Broncos hooker Danny Levi has backed calls for social media users to provide 100 points of identification in a bid to prevent “nobodies and cowards” from trolling players online.
Brisbane team-mates Tesi Niu, Tyson Gamble and Jordan Riki were subjected to social media abuse after last Thursday night’s 28-20 loss to Newcastle and Levi said he had been targeted by trolls in the past.
Bulldogs winger Jayden Okunbor was racially vilified on social media after the previous weekend’s loss to the Titans, while a man was convicted last month for racial abuse of Rabbitohs star Latrell Mitchell earlier this year.
While applauding the Bulldogs and Broncos for taking a stand against the abuse and publicly supporting their players, Levi believes more can be done.
“I still reckon that they need a social media system, like a 100-point ID,” Levi said. “That way it will cut out a lot of trolls and racists.”
A federal parliamentary committee report tabled in April called for users to require 100 points of identification, which could include a driver’s licence, birth certificate, Medicare card or passport, to open or maintain a social media account.
The report suggested that the measure would prevent people from using anonymous social media accounts to abuse and harass others online, but it has not yet been implemented.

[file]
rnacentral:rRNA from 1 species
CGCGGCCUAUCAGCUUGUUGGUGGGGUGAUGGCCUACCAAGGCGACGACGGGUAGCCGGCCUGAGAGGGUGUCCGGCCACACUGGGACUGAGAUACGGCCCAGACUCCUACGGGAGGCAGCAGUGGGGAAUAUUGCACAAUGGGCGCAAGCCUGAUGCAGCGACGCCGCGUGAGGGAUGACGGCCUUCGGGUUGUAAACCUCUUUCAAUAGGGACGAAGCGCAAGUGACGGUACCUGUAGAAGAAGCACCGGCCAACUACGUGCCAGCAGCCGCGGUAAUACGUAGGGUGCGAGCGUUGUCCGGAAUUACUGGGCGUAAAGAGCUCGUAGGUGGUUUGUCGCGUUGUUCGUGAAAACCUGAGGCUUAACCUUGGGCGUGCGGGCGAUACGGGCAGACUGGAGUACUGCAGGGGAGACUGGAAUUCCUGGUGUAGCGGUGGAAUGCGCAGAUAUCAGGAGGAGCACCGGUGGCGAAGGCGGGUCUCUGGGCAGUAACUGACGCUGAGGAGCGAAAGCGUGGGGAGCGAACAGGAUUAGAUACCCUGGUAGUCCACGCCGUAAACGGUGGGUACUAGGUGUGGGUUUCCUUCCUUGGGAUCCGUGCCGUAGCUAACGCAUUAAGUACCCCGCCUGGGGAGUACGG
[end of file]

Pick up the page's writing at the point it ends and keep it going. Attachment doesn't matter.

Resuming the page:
In the meantime, the NRL has successfully worked with NSW Police’s fixated persons unit to take action against social media trolls after two men were charged over racial attacks on Mitchell after a match against Wests Tigers in April.
Sydney Roosters centre Josh Morris was also subjected to abusive and threatening social media messages by a disgruntled gambler after his side’s 40-6 defeat of Wests Tigers in March.
Asked if he had been on the receiving end of social media abuse, Levi said “plenty of times” and admitted it could be difficult for players to cope with.
“Obviously sometimes they can get to you but you have just got to remember that they are absolute nobodies and cowards hiding behind keyboards who don’t want to say nothing to your face,” Levi said.
“That’s the way we have to think about it. They are nobodies sitting behind a computer just typing away and doing nothing with their lives.”
The Broncos and Bulldogs have referred the latest incidents involving Niu, Gamble, Riki and Okunbor to the NRL and Levi said players now felt more confident to stand up to social media abuse.
“With the boys having the club backing them, they feel a lot more empowered and a lot more stronger,” Levi said.
“It just adds a bit of accountability to what people are writing. There has been no backlash for people who write those stupid, racist comments.
“They have been getting away with it for years but the boys have a platform there to now stand up and say ‘it’s not right, we are not going to cop that’.
“Hopefully by doing that sort of stuff, it will make those people take a second guess about writing those sorts of things.”